Barring a surprisingly strong showing in the "Super Tuesday" primaries, the GOP presidential campaign of publisher Steve Forbes may never make it to California's March 26 primary, sources close to the campaign said.
While there are still those in the Forbes ranks who would push to keep fighting "for the duration," there is growing impetus for the candidate to bow out gracefully before he goes down in political history as a spoiler, the sources said. There is also concern about allowing Forbes' flat-tax concept to become fixed in voters minds as Dole once labeled it: "snake oil."
By all indications, the campaign is now more interested in maintaining the credibility of Forbes' economic proposals, including the flat tax, than in dogging front-runner Dole all the way to the San Diego convention in August.
In comments reported Saturday, former Vice President Dan Quayle said it is time for Forbes to give up his presidential bid. For him to stay in the race, Quayle said, would hurt "both message and messenger."
That is an echo of the warning Forbes has been hearing from Republican insiders for weeks now.
Asked about Quayle's remarks and whether staying in the race would erode his ability to make the flat tax part of the GOP platform, Forbes said: "I'm not just concerned about the Republican platform, I'm concerned about getting it across to Republican voters in the rank-and-file. They will ultimately determine the direction of the party--not party leaders."
But for several days now, Forbes has sounded as if he is at least pondering the conventional wisdom that continuing to butt heads with Dole could backfire.
Since Tuesday, Forbes has been saying that Dole seems to be backing off his attacks on the flat tax, which the Kansan used to undermine Forbes' surprise blush of support in the early contests.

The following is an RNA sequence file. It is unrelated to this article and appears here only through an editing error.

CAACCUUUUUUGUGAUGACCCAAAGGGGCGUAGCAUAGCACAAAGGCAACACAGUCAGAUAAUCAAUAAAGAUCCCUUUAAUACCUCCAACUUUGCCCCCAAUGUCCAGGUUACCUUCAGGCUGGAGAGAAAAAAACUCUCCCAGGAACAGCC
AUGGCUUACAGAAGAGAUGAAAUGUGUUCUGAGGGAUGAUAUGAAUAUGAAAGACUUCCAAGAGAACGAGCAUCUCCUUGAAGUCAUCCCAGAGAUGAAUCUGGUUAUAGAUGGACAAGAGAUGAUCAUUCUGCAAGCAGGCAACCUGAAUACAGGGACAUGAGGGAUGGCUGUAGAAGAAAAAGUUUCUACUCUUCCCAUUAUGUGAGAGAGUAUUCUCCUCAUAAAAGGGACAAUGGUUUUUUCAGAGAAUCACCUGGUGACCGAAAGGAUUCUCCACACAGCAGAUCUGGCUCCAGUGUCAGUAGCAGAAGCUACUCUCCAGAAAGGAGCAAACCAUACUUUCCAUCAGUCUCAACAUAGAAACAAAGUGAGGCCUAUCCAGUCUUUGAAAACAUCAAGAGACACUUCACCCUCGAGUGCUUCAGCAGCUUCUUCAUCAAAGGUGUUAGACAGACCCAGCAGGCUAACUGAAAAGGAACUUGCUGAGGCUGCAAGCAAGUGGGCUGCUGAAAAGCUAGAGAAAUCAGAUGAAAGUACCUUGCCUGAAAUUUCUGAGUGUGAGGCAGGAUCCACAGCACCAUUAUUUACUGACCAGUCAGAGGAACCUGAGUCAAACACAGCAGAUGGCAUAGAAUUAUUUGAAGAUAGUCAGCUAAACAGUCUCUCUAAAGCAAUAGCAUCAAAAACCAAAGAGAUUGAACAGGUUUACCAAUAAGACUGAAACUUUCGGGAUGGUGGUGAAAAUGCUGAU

As he campaigned in Florida on Saturday, Forbes said Dole is wrong about the flat tax: "He said he wanted two rates for the flat tax. That's not the flat tax at all." But, he added, "now [Dole] is making noises that perhaps he will reconsider. If he reconsiders, we will consider it progress forward."
To many observers, that sounded more like a negotiating position than a campaign battle cry.
Meanwhile, the other leading Republican challenger, Patrick J. Buchanan, was also feeling pressure to give up but was rebuffing it.
Campaigning in Texas, he told reporters that some Republican heavyweights have been trying to reach him by phone but that he has ignored the calls.
At the same time, there were hints of possible ambivalence around his "pitchfork express" tour through Texas.
When talking about the bus campaign recently, he evoked his favored image of the peasant rebellion against the political gentry.
However on Saturday, he showed some discomfort after agreeing to pose with a pitchfork for a photograph. "We don't want to harden the image too much," Buchanan said later, expressing concern about seeming "too grim and menacing."
Buchanan got some good news from Missouri later in the day, showing early strength as Republicans gathered throughout the state to begin a process that eventually will lead to selection of 36 delegates to the GOP national convention.
With 893 of the 1,161 delegates tallied Saturday evening, state GOP officials reported that 352 delegates backed Buchanan, 240 supported Dole and 207 were uncommitted. Former State Department official Alan Keyes had 85 and Forbes had nine.
Party officials said final figures will not be known until later this week.
The delegates selected Saturday qualify for nine congressional district conventions April 13, when 27 delegates will be picked for the national convention.
The final step is the GOP state convention May 17-18 in Springfield, at which nine more delegates will be elected.
Times staff writer Elizabeth Shogren and Times wire services contributed to this story.